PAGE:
I think from a rhythmical point of view, yeah definitely it influences. I think like a drummer when I program, although with electronic music obviously, you know there's a sort of preset way that you program drums, so you know the four to the floors, those kind of things, but I would play around probably with my hi-hats and my snares to make things a bit more interesting, or add swing and also try and think like a drummer in that way. So... I'm not...If you go listen to the tracks there is some elements that's like traditional dance, but then there's also a lot of elements that just...comes from my background in drumming, so I will try and program the drums almost to sound as close to or authentically sounding like drums as opposed to a machine.
Through Anxt, I've been starting to meet some people, 4 Channel Club I played with, like 8-bit music, I've seen at Yue Space there was a guy called Noise Arcade, I've seen some of his stuff, and yeah all those things, those are the kind of electronic artists that I find interesting, and I find their music interesting because, like I said it's not just DJ-ing, there's a process. They're doing things live.
I know there's some electronic artists out there, Thruoutin I think, I've listened to a couple of his tracks but haven't seen him live, he seems to be doing some interesting things... who else.
I was thinking of doing some remixes of Macondo songs, but that would be terrible! I haven't really thought about it, I know Eric from Peppercorns, I spoke with him about possibly collaborating because he also loves his synths and yeah. I think as I go along and meet people, I'll probably like choose a couple of people and lay some ideas on them and probably bounce ideas off each other, and write some tracks.
When I came to China, I did some research about the scene here before we came here, and I was quite excited to come over here and become a part of the music scene.
I play synth in Macondo, and i'm the vocalist. Scott would love that. That's a joke of course because i'm not the vocalist, we don't have a vocalist, yeah it's a post rock band. Any case, I went to their first show ever, and they were basically a three piece then, they still had their old bassist playing for them, Sebastian, and it was basically just the three piece. I think when they took their break I went up to them and introduced myself and said “Hi Matt, I'm Gerald, I'm staying in your old room, I found some old love letters of yours in the drawer, I still have them, when must I bring it, and you need a synth player!”, I think almost something like that, and I sort of wriggled my way in there I think and they gave me an opportunity to come and prove my skills, and having to add synth to it was sort of a different element.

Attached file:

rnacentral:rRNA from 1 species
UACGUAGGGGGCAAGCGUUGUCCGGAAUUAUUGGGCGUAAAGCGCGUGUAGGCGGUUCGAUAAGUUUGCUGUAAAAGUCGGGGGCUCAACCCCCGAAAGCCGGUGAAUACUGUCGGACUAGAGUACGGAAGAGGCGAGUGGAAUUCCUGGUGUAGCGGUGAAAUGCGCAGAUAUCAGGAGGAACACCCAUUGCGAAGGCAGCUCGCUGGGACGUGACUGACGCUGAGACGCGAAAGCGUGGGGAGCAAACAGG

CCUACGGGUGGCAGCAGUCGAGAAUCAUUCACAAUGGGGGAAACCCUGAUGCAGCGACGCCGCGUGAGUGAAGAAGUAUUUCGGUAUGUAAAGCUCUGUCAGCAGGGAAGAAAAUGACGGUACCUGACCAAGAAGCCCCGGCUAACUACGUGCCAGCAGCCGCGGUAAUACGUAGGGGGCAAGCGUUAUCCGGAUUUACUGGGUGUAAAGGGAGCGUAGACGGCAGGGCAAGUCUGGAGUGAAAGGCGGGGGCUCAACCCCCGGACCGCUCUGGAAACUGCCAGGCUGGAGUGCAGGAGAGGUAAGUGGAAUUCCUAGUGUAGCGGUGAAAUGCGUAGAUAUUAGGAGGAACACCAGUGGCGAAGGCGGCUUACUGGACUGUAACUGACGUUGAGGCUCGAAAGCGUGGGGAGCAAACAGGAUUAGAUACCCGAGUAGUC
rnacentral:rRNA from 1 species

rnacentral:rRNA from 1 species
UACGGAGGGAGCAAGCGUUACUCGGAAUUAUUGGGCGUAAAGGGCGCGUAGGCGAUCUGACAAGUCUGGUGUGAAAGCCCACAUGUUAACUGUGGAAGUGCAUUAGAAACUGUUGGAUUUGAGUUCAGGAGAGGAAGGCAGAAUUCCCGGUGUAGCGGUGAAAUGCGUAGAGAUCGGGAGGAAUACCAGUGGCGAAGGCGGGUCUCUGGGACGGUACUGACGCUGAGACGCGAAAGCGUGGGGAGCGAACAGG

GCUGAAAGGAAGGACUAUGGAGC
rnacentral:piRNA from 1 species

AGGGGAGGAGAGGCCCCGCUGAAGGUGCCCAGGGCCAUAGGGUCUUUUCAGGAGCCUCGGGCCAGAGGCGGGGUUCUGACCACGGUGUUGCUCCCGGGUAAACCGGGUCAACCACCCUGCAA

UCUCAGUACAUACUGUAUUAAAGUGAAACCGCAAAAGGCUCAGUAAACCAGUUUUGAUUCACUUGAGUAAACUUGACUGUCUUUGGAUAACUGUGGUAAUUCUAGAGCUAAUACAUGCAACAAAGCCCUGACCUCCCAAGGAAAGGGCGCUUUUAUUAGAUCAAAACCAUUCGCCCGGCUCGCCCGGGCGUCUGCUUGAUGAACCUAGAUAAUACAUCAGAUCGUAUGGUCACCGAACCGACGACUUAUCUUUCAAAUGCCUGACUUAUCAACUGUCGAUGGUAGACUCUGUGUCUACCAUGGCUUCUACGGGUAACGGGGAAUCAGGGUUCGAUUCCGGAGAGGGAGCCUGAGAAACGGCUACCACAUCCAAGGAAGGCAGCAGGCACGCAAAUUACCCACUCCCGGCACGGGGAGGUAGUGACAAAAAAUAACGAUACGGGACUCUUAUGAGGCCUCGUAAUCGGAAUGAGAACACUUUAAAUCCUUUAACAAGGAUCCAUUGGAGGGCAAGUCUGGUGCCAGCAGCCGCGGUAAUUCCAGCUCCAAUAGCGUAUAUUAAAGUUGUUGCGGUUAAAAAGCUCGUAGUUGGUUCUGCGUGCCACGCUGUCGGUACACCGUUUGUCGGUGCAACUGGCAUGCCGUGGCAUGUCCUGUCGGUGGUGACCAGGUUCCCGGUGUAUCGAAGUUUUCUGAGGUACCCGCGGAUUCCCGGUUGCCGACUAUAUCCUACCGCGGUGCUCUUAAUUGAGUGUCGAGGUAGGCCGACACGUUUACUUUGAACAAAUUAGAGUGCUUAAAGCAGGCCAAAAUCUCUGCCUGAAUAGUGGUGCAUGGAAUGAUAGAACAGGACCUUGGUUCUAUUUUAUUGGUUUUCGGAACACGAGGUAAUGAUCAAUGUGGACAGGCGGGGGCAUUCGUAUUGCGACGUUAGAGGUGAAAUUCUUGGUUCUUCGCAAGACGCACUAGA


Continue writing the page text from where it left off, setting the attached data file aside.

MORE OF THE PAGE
Any case, yes, that's Macondo, and I went for the audition and yeah sort of got given the job and that is now all in the past!
At the moment I've got some short term plans, I've got four tracks at the moment that basically is in the mix you'll be listening to, and I've just sent out one of my tracks to be mastered, and I think the aim is to put our an EP and take things a little bit more seriously.
I'm going to try and see about maybe there's a label that will go out to do the distribution of the tracks, and I definitely want to play more shows. At the moment I've been playing in live houses which is not ideally what I want to do. I probably want to play more club systems because a lot of my music is very low end bass on the frequency spectrum, so some of the live houses doesn't have the sound systems with the right fidelity to be able to reproduce those sounds that I want people to hear. The idea is that you shake the club.
Buy some software, or buy Ableton, start playing around, do beat-making, just, if you've got a passion for music I think it's especially when it comes to using software, there are so many things available out there now that you can play around with and, basically, it's limitless what you can do in those things. You don't really have to be musical to be able to do that I guess, yeah I mean it's all about self motivation. If you want to do something, you set your mind to it, you'll do it, and it's enjoyable. I get lost in it. It's my therapy I guess. When I come back from work, or I have time, I basically sit every single day round about four to six hours on Ableton, playing around and learning things, sort of exploring. Like I said, Ableton is a bottomless black pit.
Like I said, I'm going to probably quite soon drop my EP, I'll put it out there for free for people to listen to, and I thinkevery EP is going to have a different theme / concept behind it so the next concept is definitely to be able to collaborate with other people, some of the musicians I've been playing with and yeah, basically that would probably be the next concept for the next EP. And instead of doing four tracks, maybe do eight tracks... it'll take me two years to finish.